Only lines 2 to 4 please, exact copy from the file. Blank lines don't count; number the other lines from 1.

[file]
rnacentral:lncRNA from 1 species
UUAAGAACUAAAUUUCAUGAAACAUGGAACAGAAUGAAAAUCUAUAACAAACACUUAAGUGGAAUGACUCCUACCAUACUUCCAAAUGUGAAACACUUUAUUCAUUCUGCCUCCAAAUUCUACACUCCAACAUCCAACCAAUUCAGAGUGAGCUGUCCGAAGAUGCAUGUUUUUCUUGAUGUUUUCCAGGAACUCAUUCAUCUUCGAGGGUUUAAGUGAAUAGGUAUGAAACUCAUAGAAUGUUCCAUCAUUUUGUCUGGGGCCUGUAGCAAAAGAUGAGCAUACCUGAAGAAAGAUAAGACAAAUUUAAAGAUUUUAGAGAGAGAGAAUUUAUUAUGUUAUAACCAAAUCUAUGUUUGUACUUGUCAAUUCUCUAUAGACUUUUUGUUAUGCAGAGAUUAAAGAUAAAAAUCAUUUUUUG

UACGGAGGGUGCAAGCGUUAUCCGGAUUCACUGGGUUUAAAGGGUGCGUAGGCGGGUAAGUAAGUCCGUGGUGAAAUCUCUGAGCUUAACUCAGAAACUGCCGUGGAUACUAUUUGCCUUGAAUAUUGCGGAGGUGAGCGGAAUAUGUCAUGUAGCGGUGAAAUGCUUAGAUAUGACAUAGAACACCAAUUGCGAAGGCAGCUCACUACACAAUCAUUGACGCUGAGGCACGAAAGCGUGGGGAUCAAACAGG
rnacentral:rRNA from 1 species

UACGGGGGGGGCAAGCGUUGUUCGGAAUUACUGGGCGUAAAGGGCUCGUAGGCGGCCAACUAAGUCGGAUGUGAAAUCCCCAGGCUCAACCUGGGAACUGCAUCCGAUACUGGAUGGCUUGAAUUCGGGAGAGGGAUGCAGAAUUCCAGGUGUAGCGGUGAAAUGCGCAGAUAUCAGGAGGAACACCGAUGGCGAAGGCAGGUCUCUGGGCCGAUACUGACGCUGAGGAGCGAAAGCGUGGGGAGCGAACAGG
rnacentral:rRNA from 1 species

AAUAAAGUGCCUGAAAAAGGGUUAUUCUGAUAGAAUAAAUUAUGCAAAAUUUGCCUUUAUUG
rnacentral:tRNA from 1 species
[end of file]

UUAAGAACUAAAUUUCAUGAAACAUGGAACAGAAUGAAAAUCUAUAACAAACACUUAAGUGGAAUGACUCCUACCAUACUUCCAAAUGUGAAACACUUUAUUCAUUCUGCCUCCAAAUUCUACACUCCAACAUCCAACCAAUUCAGAGUGAGCUGUCCGAAGAUGCAUGUUUUUCUUGAUGUUUUCCAGGAACUCAUUCAUCUUCGAGGGUUUAAGUGAAUAGGUAUGAAACUCAUAGAAUGUUCCAUCAUUUUGUCUGGGGCCUGUAGCAAAAGAUGAGCAUACCUGAAGAAAGAUAAGACAAAUUUAAAGAUUUUAGAGAGAGAGAAUUUAUUAUGUUAUAACCAAAUCUAUGUUUGUACUUGUCAAUUCUCUAUAGACUUUUUGUUAUGCAGAGAUUAAAGAUAAAAAUCAUUUUUUG

UACGGAGGGUGCAAGCGUUAUCCGGAUUCACUGGGUUUAAAGGGUGCGUAGGCGGGUAAGUAAGUCCGUGGUGAAAUCUCUGAGCUUAACUCAGAAACUGCCGUGGAUACUAUUUGCCUUGAAUAUUGCGGAGGUGAGCGGAAUAUGUCAUGUAGCGGUGAAAUGCUUAGAUAUGACAUAGAACACCAAUUGCGAAGGCAGCUCACUACACAAUCAUUGACGCUGAGGCACGAAAGCGUGGGGAUCAAACAGG
rnacentral:rRNA from 1 species